MASERU — A compromise by members of the Lesotho College of Education Staff Union (Lecesu) saved the Lesotho College of Education (LCE) from incurring millions of maloti in debt, the institution’s management has said.
‘Mapaolosi Lineo Lepota the LCE Registrar said the workers suspended their strike, which had begun on December 6, after learning they risked landing the college into millions maloti worth of debt by sticking to their initial demands.
On December 6, members of Lecesu, which represents the majority of the college’s staff compliment of about 240, embarked on intermittent strikes demanding a 10 percent inflationary salary adjustment by the start of the new financial year.
At the time, the workers wanted management to make a written declaration committing to honouring their demands in the new fiscal year which begins in April and will end in March 2015.
However, management insisted they could not commit to workers’ demands, as the college was not in a financial position to do so.
“We have since made a requisition for that (salary reviews) but we are still awaiting a response from the government,” college Rector John Oliphant said.
The strike, which was to be carried out intermittently in two-week intervals, was to continue until management gave in to the pressure. However, two weeks into the strike, management met with the workers to persuade them to reconsider their demands as college operations had ground to a halt
with almost all services being disrupted.
This was after the college council had instructed management to find a solution to the impasse through negotiations with the workers.
It was against this background that on December 17 management offered the workers a five percent salary hike effective from the beginning of that fiscal year (April 2013).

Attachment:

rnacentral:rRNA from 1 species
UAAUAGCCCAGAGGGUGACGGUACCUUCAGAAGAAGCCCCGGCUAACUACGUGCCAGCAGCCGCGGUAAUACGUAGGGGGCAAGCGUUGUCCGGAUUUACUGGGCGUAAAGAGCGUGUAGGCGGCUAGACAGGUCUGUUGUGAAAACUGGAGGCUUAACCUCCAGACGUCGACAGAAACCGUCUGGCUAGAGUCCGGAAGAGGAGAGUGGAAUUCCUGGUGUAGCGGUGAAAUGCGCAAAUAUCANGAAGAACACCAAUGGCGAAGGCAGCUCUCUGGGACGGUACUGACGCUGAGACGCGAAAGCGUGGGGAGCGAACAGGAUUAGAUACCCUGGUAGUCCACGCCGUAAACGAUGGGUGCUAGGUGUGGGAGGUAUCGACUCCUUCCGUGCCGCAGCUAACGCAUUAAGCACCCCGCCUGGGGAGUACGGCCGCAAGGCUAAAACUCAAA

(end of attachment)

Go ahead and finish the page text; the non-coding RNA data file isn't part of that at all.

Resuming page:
They cited the college’s modest financial position as the main obstacle to fully acquiescing to workers’ demands.
As a result of the negotiations, Lecesu suspended the strike and agreed to take the proposed offer.
The roll-out of the lump sum back-pay packages is expected to be effective from this month.
Lecesu Secretary-General, Mpholo Leoisa, told the Sunday Express this week they had agreed to the offer even though it was not exactly what they wanted since “it was better than nothing”.
Leoisa said after the payment of the lump sum, their increased salaries will be payable for the next two months, February and March, after which they expected an annual increment for the new fiscal year (April 2014-March 2015).
“We again realised that it won’t benefit anyone to put the college in debt so we decided to take management’s word on this issue, Leoisa said. “What we want is for all this to end for the sake of the students.”
According to Lepota, although the five percent increment would still compromise LCE’s financial position, it is better than the 10 percent initially demanded.
“Although we agreed to the five percent, we are still going to face a M3 million deficit which will be better to manage than if we had acceded to the 10 percent increment,” said Lepota.
Asked whether they will adjust salaries for the new fiscal year, Lepota said it is their wish to increase salaries but at the moment management is not in a position to say by how much they will adjust the
salaries “because we do not know how the situation will be”.